The State (Columbia, S.C.) (07.15.2013)
Catherine Templeton, director of the South Carolina Department of Health and Environmental Control (DHEC), stated that she dismissed key agency staff members because of the department’s poor response to the TB outbreak in a Greenwood County school. More than 100 Greenwood County residents, including more than 50 school children, have tested positive for TB. Templeton fired at least four DHEC workers due to the way they handled the investigation.
Three of the dismissed workers have sued DHEC, stating that high-level staff wrongly fired them and made them “scapegoats.” The nurses claimed they tried to take swift action to test the children and inform the public, but indifferent officials in the Columbia headquarters stifled their attempts. They are seeking damages and job reinstatement.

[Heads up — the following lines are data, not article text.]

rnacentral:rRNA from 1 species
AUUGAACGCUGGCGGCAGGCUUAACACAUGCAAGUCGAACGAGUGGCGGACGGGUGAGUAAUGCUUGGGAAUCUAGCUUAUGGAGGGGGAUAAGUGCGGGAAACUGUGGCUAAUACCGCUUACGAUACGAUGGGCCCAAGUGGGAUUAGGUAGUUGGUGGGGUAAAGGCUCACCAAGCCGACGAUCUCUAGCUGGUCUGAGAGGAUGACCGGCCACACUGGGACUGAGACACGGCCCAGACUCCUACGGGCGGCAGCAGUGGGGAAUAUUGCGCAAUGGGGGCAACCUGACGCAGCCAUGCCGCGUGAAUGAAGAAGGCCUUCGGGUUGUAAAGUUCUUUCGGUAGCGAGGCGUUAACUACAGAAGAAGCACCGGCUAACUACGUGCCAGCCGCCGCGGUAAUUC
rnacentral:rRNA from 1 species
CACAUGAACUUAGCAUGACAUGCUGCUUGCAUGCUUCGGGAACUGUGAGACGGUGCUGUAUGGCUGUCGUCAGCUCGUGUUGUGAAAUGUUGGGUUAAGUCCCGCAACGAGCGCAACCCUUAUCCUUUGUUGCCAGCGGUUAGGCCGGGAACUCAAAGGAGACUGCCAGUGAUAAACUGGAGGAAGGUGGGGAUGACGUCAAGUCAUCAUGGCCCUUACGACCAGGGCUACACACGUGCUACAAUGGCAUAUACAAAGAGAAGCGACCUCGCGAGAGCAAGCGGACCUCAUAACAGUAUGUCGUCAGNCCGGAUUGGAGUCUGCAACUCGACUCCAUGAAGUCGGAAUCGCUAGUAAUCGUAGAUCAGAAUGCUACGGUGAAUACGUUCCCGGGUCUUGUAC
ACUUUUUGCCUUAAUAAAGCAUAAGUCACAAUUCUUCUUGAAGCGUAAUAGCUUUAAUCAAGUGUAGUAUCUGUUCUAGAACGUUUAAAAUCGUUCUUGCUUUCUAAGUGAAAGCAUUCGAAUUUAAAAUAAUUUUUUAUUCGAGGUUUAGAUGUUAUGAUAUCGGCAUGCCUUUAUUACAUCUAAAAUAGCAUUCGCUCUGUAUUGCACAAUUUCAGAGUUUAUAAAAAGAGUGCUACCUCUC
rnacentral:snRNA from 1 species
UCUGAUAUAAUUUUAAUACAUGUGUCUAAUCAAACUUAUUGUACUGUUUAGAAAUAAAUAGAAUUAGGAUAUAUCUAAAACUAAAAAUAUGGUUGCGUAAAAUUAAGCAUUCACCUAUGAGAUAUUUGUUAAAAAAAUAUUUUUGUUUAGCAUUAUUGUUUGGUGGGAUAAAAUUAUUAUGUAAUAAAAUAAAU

Templeton maintained that DHEC’s missteps were made in the regional offices and by a top-level official in Columbia. She stated that the regional staff and Columbia TB program official did not view the investigation as urgent, so the probe moved slowly. She fired the state TB director as well. Templeton said that the department was preparing to file responses to the lawsuits. Templeton explained that she learned about the problems with the TB investigation when she made a surprise visit to the regional office. Within a week, she ensured that parents were informed testing was arranged for the students. She felt that DHEC should have tested some children in March at the same time as teachers who used a room that shared a vent with the infected worker’s area instead of giving a “flimsy” excuse for not testing the children.
In addition, Templeton noted that she would not have approved of two DHEC nurses running a TB consulting firm they formed May 17 while working for DHEC. She said the nurses had not filed a dual employment form with DHEC, and if they had, the department would have denied it as a conflict.